As Naale Elite Academy enters its fourth decade as an exceptional option for high-quality, high school in Israel program, Yeshayahu Yechieli, (in the picture above) director of Naale Elite Academy, and Shoshana Becker, director of Western world region at the Naale program explain what prospective students should expect in the critical screening process.
Yechieli begins by explaining that Naale is a unique and challenging program, both socially and academically as a three or four-year Jewish boarding school where students in their teen years study and live away from homes and families during the school year.
The screening process, he continues, is intended to allow Naale to determine which applicants would be motivated to do well in such a setting. “It is a very big responsibility to take care of hundreds of teenagers coming to study in a boarding school in Israel,” he says.
Becker went on to give more specific details about the screening process which takes place in different places and dates in various countries around the world.
“We do a screening day to determine if this is the best program for the kids. We want them to succeed and we want them to make best out of it,” she says.
Before the day of the screening, applicants must upload various documents, including their grades on the Naale application site.
The best tip for the screening process Becker can give to prospective students applying to the Naale program, she says, is to “just be yourself.”
“Don’t try to impress us, don’t try to do anything. Just show us who you are,” she says.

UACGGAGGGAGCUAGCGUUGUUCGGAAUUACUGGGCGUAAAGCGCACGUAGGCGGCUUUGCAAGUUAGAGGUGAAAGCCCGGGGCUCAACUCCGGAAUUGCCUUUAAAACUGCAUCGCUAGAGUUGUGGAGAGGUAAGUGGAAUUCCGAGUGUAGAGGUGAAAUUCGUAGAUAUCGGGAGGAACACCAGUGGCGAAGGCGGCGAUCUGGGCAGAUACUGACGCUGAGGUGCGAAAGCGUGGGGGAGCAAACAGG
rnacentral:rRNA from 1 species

Do be prepared, however, for a full day screening process:
- The screening process lasts for up to eight hours
- The day begins at 8 or 9 a.m.
- The day includes:
- Written tests
- Group activity
- One-on-one interview with a Naale psychologist
- Parent interview with psychologist (during the corona period this takes place over Zoom prior to the screening day).
It is important that the screening process take place in person following all of the covid-19 requirements, Becker notes.
“The day includes a few different components,” she explains.
“There are psychological and academic tests; the academic tests are just to know where you are in school studies, your level of Hebrew, but you don’t need to prepare for them.”
Knowing Hebrew in advance is not required
Knowing Hebrew is not required, Becker explains, but the Naale coordinators need to know the level of each student for placement later on.
There is a group activity to assess the prospective student within a group situation, a one-on-one interview with a Naale psychologist with the applicant, and a separate interview with parents as well which now during the corona period takes place over Zoom prior to the screening day itself.
“If our teams of psychologists are able to fly from Israel for the screening day then the interview with the prospective student will take place in person; if not it will be on Zoom,” she adds, noting the importance that the psychologist conducting the interview be one who works with Naale in Israel so they can better assess whether the program is a good fit for the prospective student.
Lunch is provided for the applicants during screening day, Becker notes, but they may want to bring their (light) favorite snack for the morning as well.
One important thing is to sleep well the night before because it will be a long day, she emphasized.
“But don’t get too nervous and just be yourself,” Becker reiterates. “Just sleep well and come fresh and ready.”
Applicants can expect to receive a reply within a few weeks of the screening day.
Once accepted it is a very exciting time as new students prepare for what will be a once-in-a-lifetime experience studying at one of the best high schools in Israel through Naale Elite Academy, where they will expand their educational horizons and learn to become self-sufficient, independent young people.
“It is a very exciting period and you can start planning your good-byes and preparing to say hello to the wonderful new journey you are about to embark upon,” says Becker.